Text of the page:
Le Morte dArthur

BOOK VIII

CHAPTER I How Sir Tristram de Liones was born, and how his mother died at his birth, wherefore she named him Tristram.

   IT was a king that hight Meliodas, and he was lord and king of the country of Liones, and this Meliodas was a likely knight as any was that time living. And by fortune he wedded King Mark's sister of Cornwall, and she was called Elizabeth, that was called both good and fair. And at that time King Arthur reigned, and he was whole king of England, Wales, and Scotland, and of many other realms: howbeit there were many kings that were lords of many countries, but all they held their lands of King Arthur; for in Wales were two kings, and in the north were many kings; and in Cornwall and in the west were two kings; also in Ireland were two or three kings, and all were under the obeissance of King Arthur. So was the King of France, and the King of Brittany, and all the lordships unto Rome.
   So when this King Meliodas had been with his wife, within a while she waxed great with child, and she was a full meek lady, and well she loved her lord, and he her again, so there was great joy betwixt them. Then there was a lady in that country that had loved King Meliodas long, and by no mean she never could get his love; therefore she let ordain upon a day, as King Meliodas rode a-hunting, for he was a great chaser, and there by an enchantment she made him chase an hart by himself alone till that he came to an old castle, and there anon he was taken prisoner by the lady that him loved. When Elizabeth, King Meliodas' wife, missed her lord, and she was nigh out of her wit, and also as great with child as she was, she took a gentlewoman with her, and ran into the forest to seek her lord. And when she was far in the forest she might no farther, for she began to travail fast of her child. And she had many grimly throes; her gentlewoman helped her all that she might, and so by miracle of Our Lady of Heaven she was delivered with great pains. But she had taken such cold for the default of help that deep draughts of death took her, that needs she must die and depart out of this world; there was none other bote.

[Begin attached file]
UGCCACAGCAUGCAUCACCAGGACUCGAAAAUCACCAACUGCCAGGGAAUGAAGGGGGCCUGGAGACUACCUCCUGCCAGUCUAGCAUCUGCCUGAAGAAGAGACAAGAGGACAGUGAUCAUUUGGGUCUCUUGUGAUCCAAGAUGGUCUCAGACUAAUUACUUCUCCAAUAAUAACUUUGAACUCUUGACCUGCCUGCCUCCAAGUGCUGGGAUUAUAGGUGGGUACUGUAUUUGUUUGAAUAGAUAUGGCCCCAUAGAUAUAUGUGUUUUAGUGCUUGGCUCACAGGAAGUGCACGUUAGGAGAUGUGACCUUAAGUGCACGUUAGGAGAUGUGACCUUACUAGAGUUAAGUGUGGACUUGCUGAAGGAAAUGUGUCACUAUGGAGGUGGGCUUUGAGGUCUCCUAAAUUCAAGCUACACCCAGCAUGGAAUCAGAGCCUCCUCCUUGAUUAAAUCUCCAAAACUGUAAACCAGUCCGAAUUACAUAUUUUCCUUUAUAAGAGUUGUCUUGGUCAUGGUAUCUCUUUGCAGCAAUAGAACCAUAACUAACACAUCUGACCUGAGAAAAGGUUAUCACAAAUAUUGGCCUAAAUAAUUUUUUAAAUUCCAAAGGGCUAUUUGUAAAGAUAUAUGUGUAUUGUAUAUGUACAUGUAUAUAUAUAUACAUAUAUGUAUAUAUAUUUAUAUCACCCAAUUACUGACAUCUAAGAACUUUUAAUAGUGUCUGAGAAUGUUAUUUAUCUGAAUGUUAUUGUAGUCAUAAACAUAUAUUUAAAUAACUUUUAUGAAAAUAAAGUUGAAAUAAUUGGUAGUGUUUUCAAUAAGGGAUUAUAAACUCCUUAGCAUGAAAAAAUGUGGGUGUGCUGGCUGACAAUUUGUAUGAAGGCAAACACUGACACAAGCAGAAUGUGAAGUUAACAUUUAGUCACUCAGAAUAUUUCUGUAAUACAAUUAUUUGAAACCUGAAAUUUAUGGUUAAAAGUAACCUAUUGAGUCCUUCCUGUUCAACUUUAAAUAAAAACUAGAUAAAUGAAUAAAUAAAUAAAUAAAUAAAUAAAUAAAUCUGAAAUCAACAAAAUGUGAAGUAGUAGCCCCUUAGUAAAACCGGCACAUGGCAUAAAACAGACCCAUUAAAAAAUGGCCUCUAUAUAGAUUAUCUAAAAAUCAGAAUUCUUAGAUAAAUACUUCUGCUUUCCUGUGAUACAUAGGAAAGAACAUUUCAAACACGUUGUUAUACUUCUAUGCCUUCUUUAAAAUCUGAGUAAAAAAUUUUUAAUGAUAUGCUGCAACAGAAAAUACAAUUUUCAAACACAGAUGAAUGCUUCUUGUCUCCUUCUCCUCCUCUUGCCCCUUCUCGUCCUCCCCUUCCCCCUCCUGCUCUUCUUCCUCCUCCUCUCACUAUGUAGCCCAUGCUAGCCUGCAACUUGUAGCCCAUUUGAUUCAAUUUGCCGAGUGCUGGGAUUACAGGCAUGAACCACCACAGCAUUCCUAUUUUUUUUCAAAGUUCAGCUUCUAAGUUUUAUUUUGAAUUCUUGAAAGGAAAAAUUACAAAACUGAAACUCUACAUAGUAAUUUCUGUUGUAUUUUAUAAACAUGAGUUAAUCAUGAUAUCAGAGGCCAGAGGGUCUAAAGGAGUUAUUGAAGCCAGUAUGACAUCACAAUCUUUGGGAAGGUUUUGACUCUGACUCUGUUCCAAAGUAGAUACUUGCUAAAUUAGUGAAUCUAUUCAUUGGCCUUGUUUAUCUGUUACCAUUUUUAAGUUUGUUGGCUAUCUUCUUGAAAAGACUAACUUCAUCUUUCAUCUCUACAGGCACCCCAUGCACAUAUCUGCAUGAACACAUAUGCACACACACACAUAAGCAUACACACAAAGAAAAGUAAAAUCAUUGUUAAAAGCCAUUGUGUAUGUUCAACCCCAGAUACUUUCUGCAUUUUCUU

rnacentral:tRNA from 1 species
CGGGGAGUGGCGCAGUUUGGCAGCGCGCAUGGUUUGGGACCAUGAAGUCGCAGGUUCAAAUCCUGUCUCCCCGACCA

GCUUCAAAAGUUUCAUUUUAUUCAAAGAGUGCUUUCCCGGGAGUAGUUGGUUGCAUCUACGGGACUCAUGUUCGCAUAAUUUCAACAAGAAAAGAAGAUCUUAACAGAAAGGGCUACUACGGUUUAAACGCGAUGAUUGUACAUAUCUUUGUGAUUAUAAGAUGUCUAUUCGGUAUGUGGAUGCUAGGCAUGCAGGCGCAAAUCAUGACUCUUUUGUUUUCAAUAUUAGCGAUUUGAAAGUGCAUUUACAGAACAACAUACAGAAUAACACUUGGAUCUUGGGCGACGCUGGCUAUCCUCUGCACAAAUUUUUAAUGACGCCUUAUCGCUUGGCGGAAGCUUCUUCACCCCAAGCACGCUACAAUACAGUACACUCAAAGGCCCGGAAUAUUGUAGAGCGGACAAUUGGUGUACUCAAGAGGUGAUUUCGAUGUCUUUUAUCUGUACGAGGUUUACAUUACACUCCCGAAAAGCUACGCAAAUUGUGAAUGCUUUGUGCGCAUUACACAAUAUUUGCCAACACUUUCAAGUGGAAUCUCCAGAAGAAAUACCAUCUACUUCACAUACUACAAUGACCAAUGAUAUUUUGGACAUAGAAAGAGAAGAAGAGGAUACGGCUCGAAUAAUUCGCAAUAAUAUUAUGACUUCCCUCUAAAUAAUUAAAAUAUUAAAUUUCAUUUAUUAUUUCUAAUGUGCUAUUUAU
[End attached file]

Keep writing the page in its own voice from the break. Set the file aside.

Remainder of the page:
And when this Queen Elizabeth saw that there was none other bote, then she made great dole, and said unto her gentlewoman: When ye see my lord, King Meliodas, recommend me unto him, and tell him what pains I endure here for his love, and how I must die here for his sake for default of good help; and let him wit that I am full sorry to depart out of this world from him, therefore pray him to be friend to my soul. Now let me see my little child, for whom I have had all this sorrow. And when she saw him she said thus: Ah, my little son, thou hast murdered thy mother, and therefore I suppose, thou that art a murderer so young, thou art full likely to be a manly man in thine age. And because I shall die of the birth of thee, I charge thee, gentlewoman, that thou pray my lord, King Meliodas, that when he is christened let call him Tristram, that is as much to say as a sorrowful birth. And therewith this queen gave up the ghost and died. Then the gentlewoman laid her under an umbre of a great tree, and then she lapped the child as well as she might for cold. Right so there came the barons, following after the queen, and when they saw that she was dead, and understood none other but the king was destroyed, [*7]then certain of them would have slain the child, because they would have been lords of the country of Liones.

[Note: [*7] Printed by Caxton as part of chap. ii.]

CHAPTER II How the stepmother of Sir Tristram had ordained poison for to have poisoned Sir Tristram.

   BUT then through the fair speech of the gentlewoman, and by the means that she made, the most part of the barons would not assent thereto. And then they let carry home the dead queen, and much dole was made for her.
   Then this meanwhile Merlin delivered King Meliodas out of prison on the morn after his queen was dead. And so when the king was come home the most part of the barons made great joy. But the sorrow that the king made for his queen that might no tongue tell. So then the king let inter her richly, and after he let christen his child as his wife had commanded afore her death. And then he let call him Tristram, the sorrowful born child. Then the King Meliodas endured seven years without a wife, and all this time Tristram was nourished well. Then it befell that King Meliodas wedded King Howell's daughter of Brittany, and anon she had children of King Meliodas: then was she heavy and wroth that her children should not rejoice the country of Liones, wherefore this queen ordained for to poison young Tristram. So she let poison be put in a piece of silver in the chamber whereas Tristram and her children were together, unto that intent that when Tristram were thirsty he should drink that drink. And so it fell upon a day, the queen's son, as he was in that chamber, espied the piece with poison, and he weened it had been good drink, and because the child was thirsty he took the piece with poison and drank freely; and therewithal suddenly the child brast and was dead.